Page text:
You need to be ready to go when fall fishing hits

November 7, 2020

Fall is a prime time to fish the surf. The water temperature is falling, the days are shorter, and this encourages fish such as striped bass, blues and false albacore to head to their wintering grounds and feed heavily along the way. At the same time, large schools of bait such as mullet, menhaden and sand eels are also moving, and when the two intercept, the fishing is exceptional.

Unfortunately, this scenario has not played out along the Delaware coats for a few years. I believe the downward spiral began right after Superstorm Sandy, but what has been can also change. So far this fall, I have had good reports from my friends in New Jersey who are catching big stripers close to, if not on, the beach.

The best fishing here will probably begin sometime around Thanksgiving. If you plan to fish the beach, you should plan your attack now and have all of your tackle ready, because the fish may only be here for one or two tides.

I set up four surf rods, and they are in my garage ready to go. Two have fish-finder rigs made with six-inch, 80-pound test mono line tied to a barrel swivel and an 8/0 circle hook. These are my bait outfits, and the rods can toss eight-ounce sinkers and the reels have bait-runner capabilities.

My other two outfits are set up for casting lures. These are lighter than the bait rigs and will be rigged with a Hopkins metal lure on one and a surface lure such as a pencil popper on the other.

Pencil poppers do take a bit of practice to operate correctly. Make the cast, then place the butt of the rod between your legs and take the top of the rod above the reel in one hand. While slowly cranking in line with the other hand, impart a very strong vibration to the lure by shaking the rod tip.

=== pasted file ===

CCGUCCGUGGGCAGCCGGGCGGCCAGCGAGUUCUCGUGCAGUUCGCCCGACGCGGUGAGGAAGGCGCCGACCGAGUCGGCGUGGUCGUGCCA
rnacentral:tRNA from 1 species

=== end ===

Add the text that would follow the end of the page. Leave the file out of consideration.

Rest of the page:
Since I do have a four-wheel-drive truck, I drive the beach looking for signs of fish or bait. If or when I find a promising location, I will stop and either set out my two bait outfits with cut bunker or mullet, or begin casting with the metal or surface lure. If I see bait on the surface with fish chasing underneath, it is popper time. Bait around but no surface activity, and I will try the Hopkins and the pencil popper before going to the bait.

False albacore are easy to spot, but hard to catch. They jump clear out of the water chasing bait and move very quickly along the surface. You have to place your metal lure where they are going, not where they have been. If you watch the birds, you will see them begin to hover around a spot, and most likely that is where the little tuna is going to pop up next. Cast your small metal lure and crank it back as fast as possible. Make sure your drag is set light or the first run will be very short.

For walk-on fishermen, you can get away with two outfits – one set up for bait fishing and one for casting lures. Travel light. I can put everything I need in a five-gallon bucket, including the bait and my lunch.

I would love to tell you some secret spots along Delaware beaches, but there aren’t any. I’ve been fishing these beaches for a very long time, and the hot spot today may be stone-cold tomorrow.

Poaching tog

I received an email from a reader who observed several poachers keeping short tog caught on the southside of Indian River Inlet. The catcher would put the tog in a plastic bag and have the runner carry it back to the car and put it in the cooler.

I know this was a serious problem in the past, but in recent trips to the northside of the inlet I have not seen it at all. If you happen to see someone keeping short tog or breaking any other fish or wildlife laws, please call 800-523-3336.

Clean beaches

The oil spill that fouled beaches from Slaughter Beach to Ocean City has been cleaned up to the best of DNREC and the Coast Guard’s ability. More than 75 tons of debris was removed from the shoreline for proper disposal.

I do not believe this spill will have a lasting effect on the fish or fishing. It seems to have been contained to the shoreline, and while some of it may have sunk to the bottom of the bay, it would not be enough to hamper the fish. This is unlike the spill in the Gulf a few years ago that started from the bottom and stayed there.


  • Eric Burnley is a Delaware native who has fished and hunted the state from an early age. Since 1978 he has written countless articles about hunting and fishing in Delaware and elsewhere along the Atlantic Coast. He has been the regional editor for several publications and was the founding editor of the Mid-Atlantic Fisherman magazine. Eric is the author of three books: Surf Fishing the Atlantic Coast, The Ultimate Guide to Striped Bass Fishing and Fishing Saltwater Baits. He and his wife Barbara live near Milton, Delaware. Eric can be reached at

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